This is the fifth and final part of my reflections on Fr. Richard Rohr’s presentation from last Saturday on “Healing the Father Wound.” As I’ve mentioned before, these are my notes, not necessarily exact words Fr. Richard spoke. These are my reflections on his teaching. They are rough at points, though I’ve tried to edit them some.
The most common problem out there is the emotionally unavailable father. He’s there, but not there. He doesn’t know how to pass on his own soul. Many boys or young men prefer to talk with their Moms rather than their Dads for this reason. Men can be homophobic about touch, but a little boy needs dad’s touch as much as mom’s.
In most of history, children grew up in immediate contact with dad. In agrarian societies, children often worked right alongside dad. Richard Rohr’s dad was driving a tractor at nine. What happened at the Industrial Revolution was that men went to factories, and now they go to their offices. There is much less contact with dad. There is, therefore, a great hole in our souls.
The path into the second half of life is usually great suffering, great love or the practice of contemplation.
The second of the three ways of being open to God comes through the heart. How do we open our hearts to God? I looked images of local DWI offenders. They all look so broken and sad. Maybe they were abused or neglected. Victims have to do something to salve their wounded hearts.
Pentecostals taught me early on that the heart space does need to be open to God. You can’t exclude emotion from religion. It cannot be only a head-trip. Try visiting an inner-city black church. They’ve found a way to keep the heart-space open to God. You have to feel the love of God. You cannot just think it. You really are a beloved son or daughter of God. Talk a walk in nature silently. God has been speaking far longer than we’ve been listening. God has revealed Himself far longer than we’ve been around to witness Him.
Surrender is letting God be in charge. Often, in initiation rites, men have to be alone for an extended time in nature to recognize the reality of their lives and the world around them. If you’re quiet enough long enough, listening and looking, the heart eventually opens to God.
To open the heart to God, you must recognize and acknowledge the wounds of the heart. Then you must bring those wounds to God to be healed. God can’t heal what we don’t acknowledge. If you do not transform your pain, you will transmit it. Good religion is about transforming pain. Bringing our wounds to God keeps our hearts open to God.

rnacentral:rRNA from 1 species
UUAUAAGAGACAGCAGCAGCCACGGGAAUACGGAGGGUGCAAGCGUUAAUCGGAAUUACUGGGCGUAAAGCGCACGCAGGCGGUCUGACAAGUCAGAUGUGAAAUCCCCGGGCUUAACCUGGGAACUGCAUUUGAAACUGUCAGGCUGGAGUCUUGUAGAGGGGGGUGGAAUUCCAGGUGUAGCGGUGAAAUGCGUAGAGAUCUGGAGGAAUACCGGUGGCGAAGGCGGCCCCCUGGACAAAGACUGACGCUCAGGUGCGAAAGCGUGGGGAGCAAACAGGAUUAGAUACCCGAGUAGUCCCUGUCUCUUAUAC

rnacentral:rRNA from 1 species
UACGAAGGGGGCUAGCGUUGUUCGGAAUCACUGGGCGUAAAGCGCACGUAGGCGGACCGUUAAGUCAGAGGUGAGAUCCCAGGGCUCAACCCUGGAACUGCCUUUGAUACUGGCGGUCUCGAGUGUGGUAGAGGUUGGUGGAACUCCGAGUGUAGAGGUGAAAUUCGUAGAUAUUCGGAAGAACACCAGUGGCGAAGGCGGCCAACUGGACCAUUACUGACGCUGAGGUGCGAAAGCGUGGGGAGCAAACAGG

Think about this. Babies smile 900 times a day. Men sixty-years-old and older smile, on average, three times a day. What happened along the way? Why can’t our faces radiate the glory and beauty of God around us? Probably because we really don’t see it like when we were children.
The third opening to God is how to live inside your own body. Shouldn’t an incarnational religion honor the body? We should have a very positive theology of physicality. But our failure to do so is an implicit denial of incarnation. Massage therapists know that wounds of the heart and the mind lodge in the body.
In silence, we need to be patient with the junk that will come to the surface. All of this junk lodges in the body. Jesus didn’t use the language of the “unconscious,” but He did talk about “going to the Father in secret.” The Father in secret will reward. Go to the hidden, hated, feared, unacknowledged, shameful places within you. This is the “in secret” place we need to go to with God.
God simply wants us to return to Him the gift of who we really are. The returning of it is the redemption of it. Then we can let go of the pain and inward suffering.
A good confessor or spiritual director is supposed to be a good mirror-er. Someone we can be completely, brutally honest with and be fully loved. They become the doorway of God. If you haven’t experienced unconditional human love, it is very difficult to imagine receiving unconditional love from God.
There is no evidence of Francis of Assisi ever having been reconciled to his father. He had a deep father wound, yet he became one of the most admired saints. He was joyful. The Library of Congress says that no other human person has had more biographies or “Lives” written about them than Francis. Not even Jesus.
There are two common economies. The first is an economy of merit, achievement, or attaining. Too many Christians live in such a meritocracy. There is always a “not enough” to be guilty of. But the “gospel” (the good news) is an economy of grace. He loves us as much as we are open and ready to be loved.
The longer I live, the more of my own darkness I see. It doesn’t mean I’m growing worse, but I’m seeing more. I’m grateful to be seeing myself in the context of God’s accepting, healing love.
When a child gives you a drawing, it may not be amazing art, but its beauty is in the heartfelt giving of it.
Grief work is a privileged doorway for men into the second half of life. Too many older men look angry. There is just so much unprocessed grief. In fact, so much male anger is really just unprocessed male sadness. Women have more cultural freedom to cry and grieve. Men are expected still to pretend that nothing touches them. It all gets pushed down. This is why there are so many grumpy old men.